Jean Vigo (April 26 1905 - October 5 1934) was a French film director. The son of the famous French anarchist Eugene Bonaventure de Vigo (also known as Miguel Almereyda]], much of his early life was spent on the run with his parents. His father was found dead in mysterious circumstances after capture in a prison cell in 1917 and Vigo was subsequently sent to boarding school under an assumed name, Jean Sales, to conceal his identity.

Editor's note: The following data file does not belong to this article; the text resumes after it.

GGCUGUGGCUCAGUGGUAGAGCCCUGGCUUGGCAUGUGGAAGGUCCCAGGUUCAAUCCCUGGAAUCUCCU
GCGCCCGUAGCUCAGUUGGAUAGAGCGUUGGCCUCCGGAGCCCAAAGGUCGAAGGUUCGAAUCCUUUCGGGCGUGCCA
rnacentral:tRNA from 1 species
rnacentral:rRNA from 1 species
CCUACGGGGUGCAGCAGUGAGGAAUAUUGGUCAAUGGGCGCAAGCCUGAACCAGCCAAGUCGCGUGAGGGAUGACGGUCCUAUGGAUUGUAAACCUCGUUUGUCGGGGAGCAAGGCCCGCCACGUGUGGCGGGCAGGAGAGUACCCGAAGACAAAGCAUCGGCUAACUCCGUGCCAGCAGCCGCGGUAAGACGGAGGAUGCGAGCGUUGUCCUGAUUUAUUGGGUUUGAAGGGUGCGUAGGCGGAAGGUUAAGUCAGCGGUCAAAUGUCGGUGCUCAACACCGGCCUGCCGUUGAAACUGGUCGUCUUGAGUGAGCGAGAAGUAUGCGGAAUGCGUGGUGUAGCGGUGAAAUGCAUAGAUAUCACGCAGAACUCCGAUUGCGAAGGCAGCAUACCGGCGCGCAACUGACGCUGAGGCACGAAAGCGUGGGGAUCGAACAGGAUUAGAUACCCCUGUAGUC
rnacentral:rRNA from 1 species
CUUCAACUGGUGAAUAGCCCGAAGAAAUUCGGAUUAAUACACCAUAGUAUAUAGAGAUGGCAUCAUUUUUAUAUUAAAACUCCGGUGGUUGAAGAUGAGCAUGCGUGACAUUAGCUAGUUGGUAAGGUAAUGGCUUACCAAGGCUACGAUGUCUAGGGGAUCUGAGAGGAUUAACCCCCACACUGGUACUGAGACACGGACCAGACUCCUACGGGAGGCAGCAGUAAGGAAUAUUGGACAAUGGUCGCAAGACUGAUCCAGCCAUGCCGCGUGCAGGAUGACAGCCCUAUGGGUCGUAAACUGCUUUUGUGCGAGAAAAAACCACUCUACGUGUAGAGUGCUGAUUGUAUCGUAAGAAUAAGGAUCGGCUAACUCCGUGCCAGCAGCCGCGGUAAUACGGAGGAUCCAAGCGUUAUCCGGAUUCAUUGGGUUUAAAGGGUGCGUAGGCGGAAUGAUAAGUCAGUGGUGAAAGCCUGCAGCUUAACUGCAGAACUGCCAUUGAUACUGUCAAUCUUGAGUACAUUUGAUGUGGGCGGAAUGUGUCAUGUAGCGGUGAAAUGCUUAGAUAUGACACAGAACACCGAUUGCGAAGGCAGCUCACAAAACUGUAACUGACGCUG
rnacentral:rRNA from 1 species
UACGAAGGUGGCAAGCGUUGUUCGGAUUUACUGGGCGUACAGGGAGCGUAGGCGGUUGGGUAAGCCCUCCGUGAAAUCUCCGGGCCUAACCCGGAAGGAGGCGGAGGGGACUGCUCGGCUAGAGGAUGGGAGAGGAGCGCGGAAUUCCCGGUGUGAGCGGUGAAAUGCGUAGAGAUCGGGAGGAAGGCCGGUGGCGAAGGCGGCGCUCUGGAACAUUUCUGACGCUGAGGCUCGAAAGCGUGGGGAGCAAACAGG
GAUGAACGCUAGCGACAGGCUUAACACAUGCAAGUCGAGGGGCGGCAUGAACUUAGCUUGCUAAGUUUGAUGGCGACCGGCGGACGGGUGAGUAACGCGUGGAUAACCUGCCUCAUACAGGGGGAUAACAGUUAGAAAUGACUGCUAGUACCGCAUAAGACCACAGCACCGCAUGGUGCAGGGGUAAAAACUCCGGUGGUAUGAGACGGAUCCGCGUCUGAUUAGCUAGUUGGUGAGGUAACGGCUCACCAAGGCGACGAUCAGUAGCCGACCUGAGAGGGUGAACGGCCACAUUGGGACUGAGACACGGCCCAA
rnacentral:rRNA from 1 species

He is noted for two highly significant films which significantly affected the future development of both French and world cinema: Zéro de Conduite (1933) (trans.:No Marks for Conduct) and L'Atalante (1934).
He also made two other films: A Propos de Nice (1929), a highly subversive silent film examining social inequity in 1920s Nice and the film Taris (1931), an elegant motion study of swimmer Jean Taris.
His films have been depicted by some and certainly by contemporaneous political administrations as being unpatriotic and were consequently heavily censored by the French government.